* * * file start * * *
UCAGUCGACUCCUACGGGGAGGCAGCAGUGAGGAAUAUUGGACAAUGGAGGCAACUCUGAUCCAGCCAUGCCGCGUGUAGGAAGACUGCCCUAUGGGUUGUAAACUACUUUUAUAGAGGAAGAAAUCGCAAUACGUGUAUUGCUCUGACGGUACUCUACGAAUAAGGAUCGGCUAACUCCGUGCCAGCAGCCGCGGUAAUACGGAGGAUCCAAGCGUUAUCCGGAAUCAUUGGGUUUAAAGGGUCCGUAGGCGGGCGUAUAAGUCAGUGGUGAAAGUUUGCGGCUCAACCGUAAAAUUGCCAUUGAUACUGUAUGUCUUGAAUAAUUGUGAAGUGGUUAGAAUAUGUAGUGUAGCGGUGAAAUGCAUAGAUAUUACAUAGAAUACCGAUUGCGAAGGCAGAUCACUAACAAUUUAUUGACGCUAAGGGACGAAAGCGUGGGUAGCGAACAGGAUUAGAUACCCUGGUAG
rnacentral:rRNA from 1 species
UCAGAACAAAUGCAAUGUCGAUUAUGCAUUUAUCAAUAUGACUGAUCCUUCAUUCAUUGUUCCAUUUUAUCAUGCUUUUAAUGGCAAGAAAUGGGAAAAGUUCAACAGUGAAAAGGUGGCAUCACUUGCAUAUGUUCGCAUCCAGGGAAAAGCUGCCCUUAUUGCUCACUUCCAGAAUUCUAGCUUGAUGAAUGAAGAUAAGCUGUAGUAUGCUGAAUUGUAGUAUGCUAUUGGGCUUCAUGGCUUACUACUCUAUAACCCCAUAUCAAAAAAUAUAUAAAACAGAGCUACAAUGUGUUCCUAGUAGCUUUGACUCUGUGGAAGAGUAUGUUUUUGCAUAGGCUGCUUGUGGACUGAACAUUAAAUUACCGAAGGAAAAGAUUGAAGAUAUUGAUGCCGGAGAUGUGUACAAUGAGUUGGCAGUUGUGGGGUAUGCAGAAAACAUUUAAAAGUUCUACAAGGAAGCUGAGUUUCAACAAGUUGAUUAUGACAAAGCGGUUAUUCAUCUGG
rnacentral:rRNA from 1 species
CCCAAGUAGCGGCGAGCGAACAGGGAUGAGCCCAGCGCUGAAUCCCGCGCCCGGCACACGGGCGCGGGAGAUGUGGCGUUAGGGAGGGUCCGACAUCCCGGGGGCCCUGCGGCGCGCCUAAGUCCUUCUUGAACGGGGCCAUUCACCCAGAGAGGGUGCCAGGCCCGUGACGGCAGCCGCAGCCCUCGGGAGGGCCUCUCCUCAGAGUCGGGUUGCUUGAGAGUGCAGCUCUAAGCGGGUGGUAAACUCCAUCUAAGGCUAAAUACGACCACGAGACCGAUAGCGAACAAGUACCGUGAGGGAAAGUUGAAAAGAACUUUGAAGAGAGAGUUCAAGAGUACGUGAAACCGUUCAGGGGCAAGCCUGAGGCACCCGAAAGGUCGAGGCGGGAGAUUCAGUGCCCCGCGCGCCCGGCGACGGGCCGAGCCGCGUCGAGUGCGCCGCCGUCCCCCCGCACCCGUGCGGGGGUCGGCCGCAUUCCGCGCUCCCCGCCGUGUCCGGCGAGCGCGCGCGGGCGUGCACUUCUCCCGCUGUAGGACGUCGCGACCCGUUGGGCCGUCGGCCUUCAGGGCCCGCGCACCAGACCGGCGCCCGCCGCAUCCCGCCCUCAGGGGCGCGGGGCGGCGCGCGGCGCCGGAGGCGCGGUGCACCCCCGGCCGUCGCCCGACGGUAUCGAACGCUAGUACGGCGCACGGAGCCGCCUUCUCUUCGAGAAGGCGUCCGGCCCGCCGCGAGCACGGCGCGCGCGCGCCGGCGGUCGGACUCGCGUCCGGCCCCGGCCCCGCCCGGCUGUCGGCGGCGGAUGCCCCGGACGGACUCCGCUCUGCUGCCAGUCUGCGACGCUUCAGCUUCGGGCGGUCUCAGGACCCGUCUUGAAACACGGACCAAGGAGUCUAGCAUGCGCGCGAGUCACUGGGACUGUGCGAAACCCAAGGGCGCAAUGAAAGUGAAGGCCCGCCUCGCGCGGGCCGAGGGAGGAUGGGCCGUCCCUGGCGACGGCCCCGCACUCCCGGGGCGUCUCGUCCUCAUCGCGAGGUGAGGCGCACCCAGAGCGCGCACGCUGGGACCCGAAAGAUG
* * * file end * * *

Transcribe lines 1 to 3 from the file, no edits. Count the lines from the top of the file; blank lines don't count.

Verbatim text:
UCAGUCGACUCCUACGGGGAGGCAGCAGUGAGGAAUAUUGGACAAUGGAGGCAACUCUGAUCCAGCCAUGCCGCGUGUAGGAAGACUGCCCUAUGGGUUGUAAACUACUUUUAUAGAGGAAGAAAUCGCAAUACGUGUAUUGCUCUGACGGUACUCUACGAAUAAGGAUCGGCUAACUCCGUGCCAGCAGCCGCGGUAAUACGGAGGAUCCAAGCGUUAUCCGGAAUCAUUGGGUUUAAAGGGUCCGUAGGCGGGCGUAUAAGUCAGUGGUGAAAGUUUGCGGCUCAACCGUAAAAUUGCCAUUGAUACUGUAUGUCUUGAAUAAUUGUGAAGUGGUUAGAAUAUGUAGUGUAGCGGUGAAAUGCAUAGAUAUUACAUAGAAUACCGAUUGCGAAGGCAGAUCACUAACAAUUUAUUGACGCUAAGGGACGAAAGCGUGGGUAGCGAACAGGAUUAGAUACCCUGGUAG
rnacentral:rRNA from 1 species
UCAGAACAAAUGCAAUGUCGAUUAUGCAUUUAUCAAUAUGACUGAUCCUUCAUUCAUUGUUCCAUUUUAUCAUGCUUUUAAUGGCAAGAAAUGGGAAAAGUUCAACAGUGAAAAGGUGGCAUCACUUGCAUAUGUUCGCAUCCAGGGAAAAGCUGCCCUUAUUGCUCACUUCCAGAAUUCUAGCUUGAUGAAUGAAGAUAAGCUGUAGUAUGCUGAAUUGUAGUAUGCUAUUGGGCUUCAUGGCUUACUACUCUAUAACCCCAUAUCAAAAAAUAUAUAAAACAGAGCUACAAUGUGUUCCUAGUAGCUUUGACUCUGUGGAAGAGUAUGUUUUUGCAUAGGCUGCUUGUGGACUGAACAUUAAAUUACCGAAGGAAAAGAUUGAAGAUAUUGAUGCCGGAGAUGUGUACAAUGAGUUGGCAGUUGUGGGGUAUGCAGAAAACAUUUAAAAGUUCUACAAGGAAGCUGAGUUUCAACAAGUUGAUUAUGACAAAGCGGUUAUUCAUCUGG